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A decorator is a way to wrap a story in extra “rendering” functionality. Many addons define decorators to augment your stories with extra rendering or gather details about how your story renders.
When writing stories, decorators are typically used to wrap stories with extra markup or context mocking.
Some components require a “harness” to render in a useful way. For instance, if a component runs right up to its edges, you might want to space it inside Storybook. Use a decorator to add spacing for all stories of the component.
For example, if you're working with React's Styled Components and your components use themes, add a single global decorator to
.storybook/preview.js to enable them. With Vue, extend Storybook's application and register your library. Or with Angular, add the package into your
polyfills.ts and import it:
In the example above, the values provided are hardcoded. Still, you may want to vary them, either per-story basis (i.e., if the values you're adding are relevant to a specific story) or in a user-controlled way (e.g., provide a theme switcher or a different set of icons).
The second argument to a decorator function is the story context which in particular contains the keys:
args- the story arguments. You can use some
argsin your decorators and drop them in the story implementation itself.
argTypes- Storybook's argTypes allow you to customize and fine-tune your stories
globals- Storybook-wide globals. In particular you can use the toolbars feature to allow you to change these values using Storybook’s UI.
hooks- Storybook's API hooks (e.g., useArgs).
parameters- the story's static metadata, most commonly used to control Storybook's behavior of features and addons.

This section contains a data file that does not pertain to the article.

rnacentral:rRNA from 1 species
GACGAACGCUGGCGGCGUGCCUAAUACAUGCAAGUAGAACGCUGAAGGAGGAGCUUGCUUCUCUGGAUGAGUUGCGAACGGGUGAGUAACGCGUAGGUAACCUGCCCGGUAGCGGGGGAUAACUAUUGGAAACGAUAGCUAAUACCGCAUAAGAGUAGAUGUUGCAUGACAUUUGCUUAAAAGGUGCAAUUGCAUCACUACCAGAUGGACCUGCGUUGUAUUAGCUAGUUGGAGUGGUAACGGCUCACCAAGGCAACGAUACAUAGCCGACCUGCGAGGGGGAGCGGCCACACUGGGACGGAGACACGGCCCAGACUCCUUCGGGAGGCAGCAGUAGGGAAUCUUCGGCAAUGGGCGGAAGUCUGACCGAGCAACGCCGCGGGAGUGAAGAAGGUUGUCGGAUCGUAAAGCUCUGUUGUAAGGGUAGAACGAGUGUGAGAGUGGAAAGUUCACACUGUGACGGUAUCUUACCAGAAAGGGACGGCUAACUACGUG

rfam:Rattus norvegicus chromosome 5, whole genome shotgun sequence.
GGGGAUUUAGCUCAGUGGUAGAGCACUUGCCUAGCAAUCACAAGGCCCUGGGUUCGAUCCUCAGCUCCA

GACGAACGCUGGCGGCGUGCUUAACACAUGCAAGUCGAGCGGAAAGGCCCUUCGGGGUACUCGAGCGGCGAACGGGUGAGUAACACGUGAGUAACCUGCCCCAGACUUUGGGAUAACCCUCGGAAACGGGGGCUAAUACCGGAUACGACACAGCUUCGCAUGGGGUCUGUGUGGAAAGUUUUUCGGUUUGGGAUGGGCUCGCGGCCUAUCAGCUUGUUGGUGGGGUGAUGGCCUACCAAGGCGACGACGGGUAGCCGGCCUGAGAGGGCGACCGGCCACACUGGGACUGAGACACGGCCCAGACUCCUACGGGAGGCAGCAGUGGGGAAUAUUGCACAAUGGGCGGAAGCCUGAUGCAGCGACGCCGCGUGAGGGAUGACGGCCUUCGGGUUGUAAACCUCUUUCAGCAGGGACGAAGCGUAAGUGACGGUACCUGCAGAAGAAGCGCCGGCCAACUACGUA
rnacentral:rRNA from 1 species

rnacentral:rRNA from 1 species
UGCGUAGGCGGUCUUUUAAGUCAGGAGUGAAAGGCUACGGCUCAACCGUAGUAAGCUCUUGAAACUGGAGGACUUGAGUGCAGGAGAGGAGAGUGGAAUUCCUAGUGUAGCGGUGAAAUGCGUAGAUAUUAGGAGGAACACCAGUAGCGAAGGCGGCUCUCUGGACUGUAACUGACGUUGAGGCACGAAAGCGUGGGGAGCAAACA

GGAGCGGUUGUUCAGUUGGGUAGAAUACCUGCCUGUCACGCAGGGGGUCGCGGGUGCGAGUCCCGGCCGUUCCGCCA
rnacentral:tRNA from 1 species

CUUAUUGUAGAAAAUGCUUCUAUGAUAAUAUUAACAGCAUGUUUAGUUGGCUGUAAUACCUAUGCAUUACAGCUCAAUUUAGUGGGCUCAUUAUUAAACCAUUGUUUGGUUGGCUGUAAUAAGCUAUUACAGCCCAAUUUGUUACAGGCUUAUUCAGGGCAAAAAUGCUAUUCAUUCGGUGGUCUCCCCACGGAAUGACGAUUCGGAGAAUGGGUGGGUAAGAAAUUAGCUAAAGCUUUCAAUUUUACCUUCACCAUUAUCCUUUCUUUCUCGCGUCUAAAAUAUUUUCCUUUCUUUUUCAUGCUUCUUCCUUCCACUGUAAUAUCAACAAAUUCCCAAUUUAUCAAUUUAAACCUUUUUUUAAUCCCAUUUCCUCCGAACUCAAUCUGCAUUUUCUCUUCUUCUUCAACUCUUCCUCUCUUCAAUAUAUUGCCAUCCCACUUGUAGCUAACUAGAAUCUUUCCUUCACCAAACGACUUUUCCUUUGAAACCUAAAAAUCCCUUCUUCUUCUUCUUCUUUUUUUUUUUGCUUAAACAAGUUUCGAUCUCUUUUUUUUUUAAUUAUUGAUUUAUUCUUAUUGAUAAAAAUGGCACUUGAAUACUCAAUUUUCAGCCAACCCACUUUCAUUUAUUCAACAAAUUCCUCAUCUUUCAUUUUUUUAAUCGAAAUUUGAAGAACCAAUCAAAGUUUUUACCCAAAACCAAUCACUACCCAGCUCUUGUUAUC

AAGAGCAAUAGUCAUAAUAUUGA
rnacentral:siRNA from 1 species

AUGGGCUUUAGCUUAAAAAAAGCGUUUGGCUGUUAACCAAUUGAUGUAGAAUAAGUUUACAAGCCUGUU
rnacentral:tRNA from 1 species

viewMode- Storybook's current active window (e.g., canvas, docs).
This pattern can also be applied to your own stories. Some of Storybook's supported frameworks already use it (e.g., vue 2).
If your components are “connected” and require side-loaded data to render, you can use decorators to provide that data in a mocked way without having to refactor your components to take that data as an arg. There are several techniques to achieve this. Depending on exactly how you are loading that data -- read more in the building pages in Storybook section.
To define a decorator for a single story, use the
decorators key on a named export:
It is useful to ensure that the story remains a “pure” rendering of the component under test and that any extra HTML or components are used only as decorators. In particular the Source Doc Block works best when you do this.
To define a decorator for all stories of a component, use the
decorators key of the default CSF export:
We can also set a decorator for all stories via the
decorators export of your
.storybook/preview.js file (this is the file where you configure all stories):
Like parameters, decorators can be defined globally, at the component level, and for a single story (as we’ve seen).
All decorators relevant to a story will run in the following order once the story renders:
- Global decorators, in the order they are defined
- Component decorators, in the order they are defined
- Story decorators, in the order they are defined